How sick ‘nurses’ in our central nervous system play a role in ALS pathology
December 14, 2023
This blog originally appeared in Dutch in EOS Wetenschap.
Imagine that in a hospital, not only the patients but also the nurses become seriously ill. That's what happens in the bodies of amyotrophic lateral sclerosis (ALS) patients. In my PhD in the Laboratory of Neurobiology at the VIB-KU Leuven Center for Brain & Disease Research, I investigate what goes wrong with astrocytes, the 'nurses' of our nervous system.
21 June, World ALS Day, our lab is full of ALS patients and their loved ones, who come to visit our research group. ALS Liga, the Belgium ALS patient association, organizes this great initiative where we try to provide insight into our research on the disease that affects them. However, it can also feel a bit challenging, especially when a man whose ability to speak has been taken away by ALS shows me a question on his mobile phone asking whether we are conducting research on advanced ALS in our lab. How do I tell them how complicated this terrible, fatal disease - with which they or their loved one has been diagnosed – really is? There are currently 1,000 ALS patients in Belgium and more than 400,000 worldwide. The lack of a drug for these patients is most likely due to the complexity of the disease. Why is this disease so complicated?
The complexity of ALS
Let me start with what we know. We know that ALS attacks the motor neurons in our nervous system. Motor neurons are the nerve cells that connect with and control our muscles to ensure we can walk, eat, talk, and so on. When the motor neurons die, the connection between these nerve cells and the muscles is lost, which results in paralysis, causing ALS patients to end up in a wheelchair and having increasing difficulties with eating and speaking. Finally, the disease also attacks the motor neurons that connect to the respiratory muscle, causing patients to die due to respiratory failure. The average lifespan after diagnosis is three to five years.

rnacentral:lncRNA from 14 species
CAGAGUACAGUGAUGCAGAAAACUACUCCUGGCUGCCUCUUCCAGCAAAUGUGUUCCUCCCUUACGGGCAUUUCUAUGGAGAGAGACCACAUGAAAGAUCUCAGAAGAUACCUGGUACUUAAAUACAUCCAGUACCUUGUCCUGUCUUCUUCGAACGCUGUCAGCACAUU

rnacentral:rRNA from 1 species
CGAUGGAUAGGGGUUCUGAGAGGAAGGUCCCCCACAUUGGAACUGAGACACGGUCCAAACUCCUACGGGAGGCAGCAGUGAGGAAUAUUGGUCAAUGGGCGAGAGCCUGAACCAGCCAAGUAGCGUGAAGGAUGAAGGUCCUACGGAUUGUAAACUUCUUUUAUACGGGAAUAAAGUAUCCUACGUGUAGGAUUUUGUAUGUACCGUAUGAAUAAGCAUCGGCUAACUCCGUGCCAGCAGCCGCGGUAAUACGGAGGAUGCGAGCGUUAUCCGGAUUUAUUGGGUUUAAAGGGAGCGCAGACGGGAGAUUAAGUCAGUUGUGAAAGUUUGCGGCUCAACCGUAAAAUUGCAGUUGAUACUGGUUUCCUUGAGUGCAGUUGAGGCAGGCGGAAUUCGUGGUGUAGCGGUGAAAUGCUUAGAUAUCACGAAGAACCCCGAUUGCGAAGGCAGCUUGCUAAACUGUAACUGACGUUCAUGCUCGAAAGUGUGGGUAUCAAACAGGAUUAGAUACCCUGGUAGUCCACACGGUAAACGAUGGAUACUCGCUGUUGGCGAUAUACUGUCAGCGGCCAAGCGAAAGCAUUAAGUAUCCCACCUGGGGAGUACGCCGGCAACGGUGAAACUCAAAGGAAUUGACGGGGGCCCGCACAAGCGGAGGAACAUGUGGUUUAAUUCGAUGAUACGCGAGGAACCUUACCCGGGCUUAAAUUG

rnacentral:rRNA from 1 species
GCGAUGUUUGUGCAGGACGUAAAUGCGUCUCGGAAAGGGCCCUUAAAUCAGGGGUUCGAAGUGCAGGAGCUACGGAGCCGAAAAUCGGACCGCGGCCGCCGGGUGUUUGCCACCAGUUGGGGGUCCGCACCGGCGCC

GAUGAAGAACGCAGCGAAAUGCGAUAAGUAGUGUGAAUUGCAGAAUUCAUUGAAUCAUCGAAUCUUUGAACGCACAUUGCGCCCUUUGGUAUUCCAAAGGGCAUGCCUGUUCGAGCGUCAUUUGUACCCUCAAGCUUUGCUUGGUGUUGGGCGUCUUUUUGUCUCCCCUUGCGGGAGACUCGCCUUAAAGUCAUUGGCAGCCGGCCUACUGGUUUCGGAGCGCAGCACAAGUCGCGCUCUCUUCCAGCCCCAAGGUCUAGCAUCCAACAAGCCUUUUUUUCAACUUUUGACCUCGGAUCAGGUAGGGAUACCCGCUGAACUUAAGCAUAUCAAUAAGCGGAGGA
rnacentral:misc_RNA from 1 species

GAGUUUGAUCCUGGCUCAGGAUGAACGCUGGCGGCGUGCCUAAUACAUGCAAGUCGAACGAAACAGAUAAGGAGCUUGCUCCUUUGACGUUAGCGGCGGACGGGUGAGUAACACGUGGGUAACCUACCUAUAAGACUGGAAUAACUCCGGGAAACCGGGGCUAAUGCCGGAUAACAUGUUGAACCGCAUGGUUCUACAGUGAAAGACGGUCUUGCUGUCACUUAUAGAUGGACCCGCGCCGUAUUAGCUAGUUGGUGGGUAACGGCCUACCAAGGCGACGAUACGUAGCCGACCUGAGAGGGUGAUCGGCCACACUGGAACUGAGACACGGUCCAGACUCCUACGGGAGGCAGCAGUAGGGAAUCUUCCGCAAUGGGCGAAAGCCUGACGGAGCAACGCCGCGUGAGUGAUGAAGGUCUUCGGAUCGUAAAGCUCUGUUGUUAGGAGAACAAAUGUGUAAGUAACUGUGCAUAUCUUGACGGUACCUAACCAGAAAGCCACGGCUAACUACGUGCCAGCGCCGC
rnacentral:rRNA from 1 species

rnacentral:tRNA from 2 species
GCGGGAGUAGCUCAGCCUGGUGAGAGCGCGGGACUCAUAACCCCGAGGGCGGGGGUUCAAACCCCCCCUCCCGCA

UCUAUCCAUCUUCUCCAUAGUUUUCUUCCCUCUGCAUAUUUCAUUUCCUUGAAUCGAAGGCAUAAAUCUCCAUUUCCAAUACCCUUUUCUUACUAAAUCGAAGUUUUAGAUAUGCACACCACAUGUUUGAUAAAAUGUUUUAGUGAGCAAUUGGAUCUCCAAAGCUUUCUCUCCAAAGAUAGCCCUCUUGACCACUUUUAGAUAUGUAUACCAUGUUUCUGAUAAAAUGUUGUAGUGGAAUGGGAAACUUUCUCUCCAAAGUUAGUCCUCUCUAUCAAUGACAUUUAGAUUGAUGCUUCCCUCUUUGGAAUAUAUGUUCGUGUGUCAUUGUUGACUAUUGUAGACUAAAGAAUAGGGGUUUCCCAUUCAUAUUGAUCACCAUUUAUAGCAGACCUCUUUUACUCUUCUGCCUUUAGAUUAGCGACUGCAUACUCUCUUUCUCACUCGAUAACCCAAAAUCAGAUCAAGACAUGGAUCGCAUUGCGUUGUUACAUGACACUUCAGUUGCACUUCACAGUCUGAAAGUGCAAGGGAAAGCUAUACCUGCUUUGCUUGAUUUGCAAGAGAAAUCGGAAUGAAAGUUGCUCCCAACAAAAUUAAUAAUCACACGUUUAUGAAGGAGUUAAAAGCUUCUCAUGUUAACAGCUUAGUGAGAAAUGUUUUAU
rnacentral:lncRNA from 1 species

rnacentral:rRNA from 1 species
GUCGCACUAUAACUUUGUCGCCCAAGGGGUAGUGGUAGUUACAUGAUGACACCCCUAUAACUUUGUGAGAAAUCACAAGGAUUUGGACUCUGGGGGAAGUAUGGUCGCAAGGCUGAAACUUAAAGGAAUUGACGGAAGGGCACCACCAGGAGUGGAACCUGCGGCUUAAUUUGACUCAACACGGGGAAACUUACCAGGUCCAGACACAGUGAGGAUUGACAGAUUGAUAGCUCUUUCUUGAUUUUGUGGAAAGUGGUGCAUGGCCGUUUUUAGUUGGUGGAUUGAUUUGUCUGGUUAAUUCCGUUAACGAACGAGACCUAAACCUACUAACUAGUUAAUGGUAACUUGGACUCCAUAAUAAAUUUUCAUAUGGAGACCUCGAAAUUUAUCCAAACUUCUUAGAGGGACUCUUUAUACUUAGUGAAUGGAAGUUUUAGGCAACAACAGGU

However, if we look at one of the most famous ALS patients - British physicist Stephen Hawking - we can see that this is not always the case. Living an additional 55 years after his diagnosis, Stephen was one of the longest-living ALS patients and is a perfect example of the unpredictability of the disease. Not only can the duration of the disease vary, but the age at which the disease develops, the clinical picture, and the cause (genetic or not) differ between patients. Are you starting to see just how complex it is? Well, it becomes even more complicated when I tell you that it's not just the motor neurons that are failing…
Sick nurses and wrong medication
Imagine that in a hospital, not only the patients are sick, but the nurses too. This would certainly not benefit the health of these patients! But that's pretty much what happens in ALS. Imagine motor neurons as patients who get sick and, unfortunately, die. Then, imagine astrocytes - star-shaped cells that support neurons - as the nurses of our nervous system. Research has shown that these “nurses”, besides the “patients”, also become ill in people with ALS. In fact, not only do these nurses fail to take care of the patients but, to make matters even worse, also administer the wrong medications!